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Analyzing Psychological Disorders Your Name Your school Abstract This paper examines schizophrenia and two cases, one involving generalized anxiety disorder and one involving anorexia nervosa from the perspective of biopsychology. In analyzing schizophrenia, the neural basis is explored along with the areas of the brain affected as well as the symptomology and possible treatments from this perspective…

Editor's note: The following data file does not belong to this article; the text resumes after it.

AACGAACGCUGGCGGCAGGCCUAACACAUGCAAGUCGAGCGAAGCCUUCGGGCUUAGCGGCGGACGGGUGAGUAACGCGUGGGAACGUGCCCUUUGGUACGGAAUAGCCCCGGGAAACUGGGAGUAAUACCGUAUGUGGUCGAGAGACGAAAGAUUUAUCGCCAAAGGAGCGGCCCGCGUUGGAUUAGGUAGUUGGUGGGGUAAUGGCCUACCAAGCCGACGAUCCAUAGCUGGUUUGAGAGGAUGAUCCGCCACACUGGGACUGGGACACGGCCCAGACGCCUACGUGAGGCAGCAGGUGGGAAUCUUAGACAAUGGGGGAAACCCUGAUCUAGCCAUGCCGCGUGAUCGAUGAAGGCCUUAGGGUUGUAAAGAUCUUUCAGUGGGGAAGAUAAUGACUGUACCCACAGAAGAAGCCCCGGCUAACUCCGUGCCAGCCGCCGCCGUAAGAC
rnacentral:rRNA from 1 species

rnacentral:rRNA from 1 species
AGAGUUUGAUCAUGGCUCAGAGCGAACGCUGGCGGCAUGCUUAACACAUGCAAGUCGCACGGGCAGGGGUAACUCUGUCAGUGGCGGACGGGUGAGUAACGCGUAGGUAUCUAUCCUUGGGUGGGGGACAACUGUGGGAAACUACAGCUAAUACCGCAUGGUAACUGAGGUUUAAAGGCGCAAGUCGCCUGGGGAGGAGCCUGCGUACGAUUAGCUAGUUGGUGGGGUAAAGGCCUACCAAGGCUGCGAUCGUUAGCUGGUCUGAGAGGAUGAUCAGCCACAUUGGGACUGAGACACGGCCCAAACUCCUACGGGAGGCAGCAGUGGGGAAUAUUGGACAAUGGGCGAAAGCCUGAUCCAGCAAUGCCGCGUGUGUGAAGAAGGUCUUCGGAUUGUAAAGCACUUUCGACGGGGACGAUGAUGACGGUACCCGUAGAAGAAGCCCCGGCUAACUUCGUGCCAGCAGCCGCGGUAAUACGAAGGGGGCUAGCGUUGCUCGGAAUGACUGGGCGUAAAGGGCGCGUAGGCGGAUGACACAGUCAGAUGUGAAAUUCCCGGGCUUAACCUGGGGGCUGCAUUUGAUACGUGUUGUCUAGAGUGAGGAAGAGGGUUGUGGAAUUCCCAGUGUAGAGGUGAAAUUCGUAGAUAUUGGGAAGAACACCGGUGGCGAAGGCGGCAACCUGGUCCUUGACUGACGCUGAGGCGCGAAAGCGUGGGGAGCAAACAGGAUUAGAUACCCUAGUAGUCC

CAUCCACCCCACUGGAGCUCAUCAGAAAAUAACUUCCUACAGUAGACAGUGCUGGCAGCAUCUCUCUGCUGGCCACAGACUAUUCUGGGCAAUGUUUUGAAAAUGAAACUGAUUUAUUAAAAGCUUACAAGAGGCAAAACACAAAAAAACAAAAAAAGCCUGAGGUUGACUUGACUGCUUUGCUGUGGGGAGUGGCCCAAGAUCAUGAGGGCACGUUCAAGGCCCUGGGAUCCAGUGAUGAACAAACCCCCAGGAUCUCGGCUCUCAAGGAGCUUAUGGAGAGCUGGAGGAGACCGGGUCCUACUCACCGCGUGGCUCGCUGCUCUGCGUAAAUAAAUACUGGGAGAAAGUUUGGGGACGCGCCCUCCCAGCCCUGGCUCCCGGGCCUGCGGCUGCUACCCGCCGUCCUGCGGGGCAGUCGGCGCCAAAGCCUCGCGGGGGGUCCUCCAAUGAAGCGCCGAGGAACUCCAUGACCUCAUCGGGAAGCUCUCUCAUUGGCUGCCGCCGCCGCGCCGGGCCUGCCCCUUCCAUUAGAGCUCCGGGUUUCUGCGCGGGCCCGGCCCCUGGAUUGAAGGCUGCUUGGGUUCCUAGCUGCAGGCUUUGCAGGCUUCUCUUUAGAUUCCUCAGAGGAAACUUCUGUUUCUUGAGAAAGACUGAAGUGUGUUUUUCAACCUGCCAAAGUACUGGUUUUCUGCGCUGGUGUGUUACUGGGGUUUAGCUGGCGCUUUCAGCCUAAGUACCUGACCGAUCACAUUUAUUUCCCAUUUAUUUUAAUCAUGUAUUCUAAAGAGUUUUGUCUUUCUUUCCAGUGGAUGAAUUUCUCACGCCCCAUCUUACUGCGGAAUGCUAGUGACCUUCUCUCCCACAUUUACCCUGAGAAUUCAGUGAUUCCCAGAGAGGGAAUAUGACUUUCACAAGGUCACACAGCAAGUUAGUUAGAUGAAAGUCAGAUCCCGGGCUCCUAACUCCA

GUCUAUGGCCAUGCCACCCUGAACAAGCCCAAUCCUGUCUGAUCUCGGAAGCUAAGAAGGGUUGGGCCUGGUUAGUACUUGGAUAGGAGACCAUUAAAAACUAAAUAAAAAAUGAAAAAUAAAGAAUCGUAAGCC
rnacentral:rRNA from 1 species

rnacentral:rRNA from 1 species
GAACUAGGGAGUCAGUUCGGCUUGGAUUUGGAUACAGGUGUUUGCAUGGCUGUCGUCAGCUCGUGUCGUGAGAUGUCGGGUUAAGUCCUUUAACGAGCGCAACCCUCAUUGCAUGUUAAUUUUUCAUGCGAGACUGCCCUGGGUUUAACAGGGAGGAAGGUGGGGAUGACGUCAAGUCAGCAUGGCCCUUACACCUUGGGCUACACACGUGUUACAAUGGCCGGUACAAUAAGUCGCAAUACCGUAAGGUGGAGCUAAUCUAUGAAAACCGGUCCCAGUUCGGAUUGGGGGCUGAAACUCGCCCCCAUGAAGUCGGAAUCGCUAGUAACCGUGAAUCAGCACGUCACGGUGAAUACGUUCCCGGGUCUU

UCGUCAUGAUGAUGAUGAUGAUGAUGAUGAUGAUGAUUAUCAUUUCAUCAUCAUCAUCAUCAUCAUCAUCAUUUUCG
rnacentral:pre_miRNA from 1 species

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Download file to see previous pages Courses of treatment based on this model are proposed in both case studies. In the end, this paper points to the more balanced perspective of biopsychology as offering more possibilities for effective treatment of mental illness. Introduction The human body is a team of components working together as a whole entity. Therefore, in understanding mental illness, we must not compartmentalize as separate functions the biological and experiential processes operating in persons presenting themselves to us with psychological issues. The experience of a person offers an environment, a history, and a perspective essential to a thorough understanding of his biological components. The biological processes of the human body are essential in the understanding and treatment of mental illness especially the central nervous system, brain functioning, and neurotransmitter activity. Their interactions have a crucial impact on a person’s psychological health, affecting how he or she perceives and lives life. Part A: Schizophrenia Schizophrenia is the most complex of the mental illnesses in its causality, symptomology, and treatment. Yet, an understanding of the neurological and biological functioning of the brain can not only assist medical professionals in finding and applying the best treatments, but also assist patients in coping with the illness in a positive and productive way. (Frese, 1993) The most common symptoms of schizophrenia include: auditory hallucinations, delusions of persecution and/or control or delusions of grandeur, disorganized thinking and speech, flat affect (consistently showing little or no emotion), and inappropriate behavior (such as social isolation or catatonia). (See Pinel pg. 457) Two of these symptoms must be present for at least 30 days to meet criteria for a diagnosis of schizophrenia, and ideally a thorough physical examination including diagnostic testing should be administered to rule out any other possible diagnoses. (Haycock, 2009) Some of the diagnostic testing that includes brain imaging technologies such as MRI (magnetic resonance imaging) and PET (positron emission tomography) scans has also clearly shown that the frontal and temporal lobes and the amygdala are the areas of the brain most altered in schizophrenia patients. (Kircher, et al. 2006, pg 302) Studies that include brain imaging technologies have shown that the connectivity between these regions of the brain is dysfunctional. (Tregallas, 2009) They have also shown both gray and white brain matter volume abnormalities in schizophrenic patients. (Lim, 2007) In addition, there are also abnormalities in the neurotransmitter systems regulating brain function; the first discovered abnormality being the presence and transmission of dopamine. The neural basis for understanding and treating schizophrenia began with the “dopamine theory” (see Pinel, pg 458) that schizophrenia is caused by excessively high dopamine levels in the brain. As research continued in the effects of the drugs given to schizophrenia patients, it was discovered that while some drugs deplete the supply of dopamine, others bind themselves to dopamine receptors effectively blocking the ability of dopamine to activate them. This blocking of the dopamine activity sends a signal to the brain to produce more dopamine which is then broken down in the synapse resulting in an ...Download file to see next pagesRead More
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